Much has happened on Hatteras Island since I last wrote about Hurricane Matthew’s destructive visit to Hatteras on Oct. 9.
Again, let me say, what a difference a week makes!
In the past week, the piles of debris from so many homes flooded by the storm surge have piled up like tiny mountains along Highway 12 and the narrow side streets of Frisco and Hatteras villages. Even having to look at the debris from so many interrupted lives is heartbreaking.
We’ve had little rain since the hurricane, and I’ve noticed that the salt-burned vegetation, especially on southern Hatteras, is beginning to turn brown. The sea oats along the dunes, so heavy with their golden seed heads before the storm, are now stripped almost bare from the winds.
What has also happened in the past week, is that villagers have mobilized once again to help each other and more help for the island has come from everywhere.
Hatteras may not look as lovely as usual, but you can be assured that the islanders have not lost their spirit.
You can see and read about it every day on the Hatteras village Facebook page, https://www.facebook.com/HatterasVillage/.
Much of the help for villagers was centered at the fire stations, especially in Hatteras village, where Mary Ellon Ballance, president of the Hatteras Volunteer Fire Department’s Ladies’ Auxiliary, started everything going just days after the storm by organizing work teams to help villagers with damaged homes. She had plenty of help from so many people.
Folks came from all over Hatteras Island to help — neighbors helping neighbors. And then they came from places such as the Coast Guard Station in Elizabeth City and other volunteer fire departments in cities like Smithfield, Va.
Visitors to the island stopped by the fire station to donate and to volunteer.
Other volunteers collected clothing at the Buxton United Methodist Church and still others opened Really Really Free Markets in Hatteras village and Frisco.
A company in Kitty Hawk that specializes in marketing and branding, called Identify Yourself, designed a Hurricane Matthew T-shirt with all proceeds going to the Cape Hatteras United Methodist Men to help families with disaster relief. You can get your very own T-shirt by going to their website, www.helpforhatteras.com.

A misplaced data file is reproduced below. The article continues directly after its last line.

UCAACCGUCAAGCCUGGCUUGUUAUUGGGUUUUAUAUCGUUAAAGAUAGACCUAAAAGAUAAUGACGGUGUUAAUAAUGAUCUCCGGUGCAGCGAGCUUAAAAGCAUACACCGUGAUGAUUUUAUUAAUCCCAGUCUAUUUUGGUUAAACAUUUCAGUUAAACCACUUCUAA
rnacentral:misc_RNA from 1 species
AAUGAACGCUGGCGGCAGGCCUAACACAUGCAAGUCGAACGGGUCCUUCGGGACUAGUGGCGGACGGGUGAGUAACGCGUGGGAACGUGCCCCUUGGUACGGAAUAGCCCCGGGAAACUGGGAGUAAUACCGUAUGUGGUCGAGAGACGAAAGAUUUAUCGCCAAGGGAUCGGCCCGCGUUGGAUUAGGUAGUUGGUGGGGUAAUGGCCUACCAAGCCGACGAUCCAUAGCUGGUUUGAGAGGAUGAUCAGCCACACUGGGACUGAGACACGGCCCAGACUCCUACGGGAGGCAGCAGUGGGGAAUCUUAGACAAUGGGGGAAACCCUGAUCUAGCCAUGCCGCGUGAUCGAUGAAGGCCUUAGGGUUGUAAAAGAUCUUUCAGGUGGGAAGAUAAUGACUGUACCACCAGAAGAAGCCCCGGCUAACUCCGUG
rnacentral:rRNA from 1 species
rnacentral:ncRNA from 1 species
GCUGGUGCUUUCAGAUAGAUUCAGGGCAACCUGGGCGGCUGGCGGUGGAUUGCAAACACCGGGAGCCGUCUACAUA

And one of the most touching stories to come out of Hurricane Matthew might be called, “It takes a village to pull off a wedding after a major storm on a tiny island.”
The story of the marriage of Tori Ballance and Andy Liposky, less than a week after the storm tore through Hatteras village, was photographed and written by island photographer Daniel Pullen. You will find it on his website at http://www.danielpullenphotography.com/community/.
“The Community of Hatteras Village,” Daniel wrote at the end of the story, “and the people of Hatteras Island, are a blessed people. Blessed because they have the most important resource ever?. each other.”
There are so many more heart-warming stories of help and kindness. I don’t pretend to know all of them and couldn’t begin to tell them all if I did.
All of the villages are now open to visitors, and there are many on the island — for which we are grateful.
As you drive down Hatteras Island, you won’t notice much damage in the northern villages of Rodanthe, Waves, and Salvo. There’s been some damage in Avon. As you come to Buxton, you will start noticing the piles of debris along the highway from the storm surge. And you will continue to see the piles getting larger through Frisco and then into Hatteras village.
We hope you will enjoy your visit and be respectful of areas where recovery is ongoing. Driving around to get a better look at storm damage isn’t encouraged.
However, be assured that islanders and our businesses welcome you back. Patronizing our businesses is one of the best ways to help us get back on our feet.
In Hatteras village, restaurants and damaged marinas are getting back into business, so it would be great if you want to go out to dinner or book a charter fishing trip.
And the beach is just as beautiful as always, and I’ve been told the fish are biting.
The ocean has brought some great waves for surfers, but it’s also been very rough with swells from various offshore storms continuing to hit the beaches. They are impressive to see, but can be challenging even for the strongest swimmers. So be careful.
Park rangers warn that there are massive rip currents along the beaches. It might be safest to admire the waves from the beach!
Many regular visitors to Hatteras have been interested in how they can be part of the recovery. Here are some of the local organizations that are helping islanders and will welcome your monetary donations:
Cape Hatteras United Methodist Men. This group runs a food pantry at Buxton United Methodist Men and also has an emergency assistance program for islanders. Checks should be written to United Methodist Men and mailed to Cape Hatteras United Methodist Men, P.O Box 1591, Buxton, NC 27920.
Hatteras Volunteer Fire Department Ladies’ Auxiliary. Send to P.O. Box 164, Hatteras, NC 27943. Write “Hurricane Relief” on the memo line.
The Outer Banks Community Foundation is coordinating monetary donations for Hatteras Island and other parts of Dare County. Donations can be made online at www.obx.disaster.org or mailed to the Outer Banks Community Foundation, 13 Skyline Road, Southern Shores, NC 27949. Enter Disaster Relief in the memo line.